• Pinky in reply to Chip Daniels
                Ignored
                says:

                Let me ask a favor. If you want to repeat the same thing every time, I’ll just click the “ignore” X. But please don’t say (or believe) that nobody disputes your points. That’s a theme of yours that I always feel compelled to reply to. I’m fine if you say things I disagree with, or things that are internally inconsistent, but please don’t assert that everyone agrees with you.Report

              • CJColucci in reply to Pinky
                Ignored
                says:

                That would certainly cut down on the Hall Monitoring work.Report

  2. CJColucci
    Ignored
    says:

    When a football team is going bad, the back-up quarterback is often the most popular player. Until he starts playing.Report

  3. North
    Ignored
    says:

    Personally, in a Trump vs DeSantis match, I’m rooting for a long fight with lots of injuries.Report

  4. John Puccio
    Ignored
    says:

    I was curious to know who the “Republican insiders” were who say RD lacks charisma so I clicked on the hyperlinks.

    The FT (in a story behind a paywall) and a Boston Globe/MSNBC columnist don’t seem like GOP insiders to me.Report

  5. Chip Daniels
    Ignored
    says:

    What we are seeing is the evolution of Trumpism after Trump.

    Like Trump, the Republicans root their appeal in white male grievance, but the recent turn to misogyny and LGBTQ hatred represents a new front, different than what we saw with Trump.

    What makes it so dangerous is that misogyny and LGBTQ bigotry can find a much wider audience; Racism by definition doesn’t appeal to ethnic minorities, but half the population is men and every man has some sort of relationship with women, and his own sense of masculinity, either for good or bad.Report

    • Pinky in reply to Chip Daniels
      Ignored
      says:

      Trump isn’t a misogynist?Report

      • Chip Daniels in reply to Pinky
        Ignored
        says:

        The new front being opened by GOP figures like DeSantis, Youngkin, and Abbott represents an extension and furtherance of the vague white male grievance Trump espoused.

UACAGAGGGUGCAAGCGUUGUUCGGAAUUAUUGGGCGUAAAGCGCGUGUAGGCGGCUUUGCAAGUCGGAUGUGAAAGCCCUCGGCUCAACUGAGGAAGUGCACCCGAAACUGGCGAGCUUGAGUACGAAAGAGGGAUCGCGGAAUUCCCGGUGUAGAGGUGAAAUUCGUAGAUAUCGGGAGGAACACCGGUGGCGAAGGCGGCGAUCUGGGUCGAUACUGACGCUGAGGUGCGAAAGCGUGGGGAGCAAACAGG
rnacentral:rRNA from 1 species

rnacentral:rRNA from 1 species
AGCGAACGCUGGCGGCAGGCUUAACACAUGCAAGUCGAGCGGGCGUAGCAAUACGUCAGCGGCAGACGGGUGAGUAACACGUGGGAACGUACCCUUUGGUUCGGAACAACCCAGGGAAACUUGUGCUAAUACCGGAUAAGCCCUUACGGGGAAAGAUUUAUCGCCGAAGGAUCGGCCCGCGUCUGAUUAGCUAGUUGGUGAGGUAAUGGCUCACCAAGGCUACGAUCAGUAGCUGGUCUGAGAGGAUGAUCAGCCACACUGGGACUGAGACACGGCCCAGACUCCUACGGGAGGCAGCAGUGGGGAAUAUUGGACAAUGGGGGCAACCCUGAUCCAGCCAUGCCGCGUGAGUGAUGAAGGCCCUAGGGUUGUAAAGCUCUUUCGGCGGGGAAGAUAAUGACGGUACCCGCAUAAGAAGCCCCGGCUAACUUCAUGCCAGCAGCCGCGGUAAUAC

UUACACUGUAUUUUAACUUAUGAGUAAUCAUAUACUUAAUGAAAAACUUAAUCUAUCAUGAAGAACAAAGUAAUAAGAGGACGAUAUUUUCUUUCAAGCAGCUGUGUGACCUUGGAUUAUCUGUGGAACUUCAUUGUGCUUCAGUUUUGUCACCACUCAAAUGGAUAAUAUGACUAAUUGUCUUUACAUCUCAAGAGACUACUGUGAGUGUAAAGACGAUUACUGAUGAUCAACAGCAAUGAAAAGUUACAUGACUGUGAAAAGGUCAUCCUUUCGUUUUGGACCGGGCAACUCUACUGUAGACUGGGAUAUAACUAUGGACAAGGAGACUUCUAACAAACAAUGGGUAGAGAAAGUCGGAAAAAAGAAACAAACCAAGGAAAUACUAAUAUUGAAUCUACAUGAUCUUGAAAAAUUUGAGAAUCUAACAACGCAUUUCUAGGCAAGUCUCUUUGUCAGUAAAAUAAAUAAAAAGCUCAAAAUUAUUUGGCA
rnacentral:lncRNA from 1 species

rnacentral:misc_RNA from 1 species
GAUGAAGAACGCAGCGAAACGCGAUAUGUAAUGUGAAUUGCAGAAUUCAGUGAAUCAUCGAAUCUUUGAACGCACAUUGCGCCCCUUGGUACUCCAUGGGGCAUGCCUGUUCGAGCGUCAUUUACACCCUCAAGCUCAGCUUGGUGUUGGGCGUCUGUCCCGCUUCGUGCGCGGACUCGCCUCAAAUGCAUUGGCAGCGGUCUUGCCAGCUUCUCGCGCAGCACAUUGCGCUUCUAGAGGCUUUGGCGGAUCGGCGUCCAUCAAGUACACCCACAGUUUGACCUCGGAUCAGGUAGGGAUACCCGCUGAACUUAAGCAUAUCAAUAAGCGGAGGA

For instance, the anti-trans and gay bigotry being espoused by them is rooted in the same misogyny. But it goes further, it makes their definition of gender roles the only legitimate form of being, and identifies non-conformance as heresy and a threat. Like, literally a threat which must be put down with violence if need be.

        This is an evolution, from a vague sense of grievance to something sharp and specific.Report

  6. Saul Degraw
    Ignored
    says:

    The father of the alleged shooter at Club Q gives an interview of utter vileness: https://twitter.com/NoLieWithBTC/status/1595519454900805649?s=20&t=TOTr1JwJJnT4ViLg2buuaAReport

  7. Saul Degraw
    Ignored
    says:

    The Colorado shooter’s dad on finding out his son murdered people: “They started telling me about the incident, a shooting… And then I go on to find out it’s a gay bar. I got scared, ‘Shit, is he gay?’ And he’s not gay, so I said, phew… I am a conservative Republican.”

    This was followed by:

    The Colorado shooter’s dad: “I praised him for violent behavior really early. I told him it works… You’ll get immediate results.”

    He then went on to praise the Colorado shooter’s grandpa, a MAGA Republican politician named Randy Voepel who supported the January 6 insurrection.Report

  8. Chip Daniels
    Ignored
    says:

    The House GOP Judiciary tweet:
    “Kanye. Elon. Trump”

    Kanye West Pals Up with Holocaust Denier Nick Fuentes, Travels to Meet Trump at Mar-A-Lago

    Every day, they continue to build their brand identity, to tell us loudly who they are.Report

Leave a Reply

Your email address will not be published.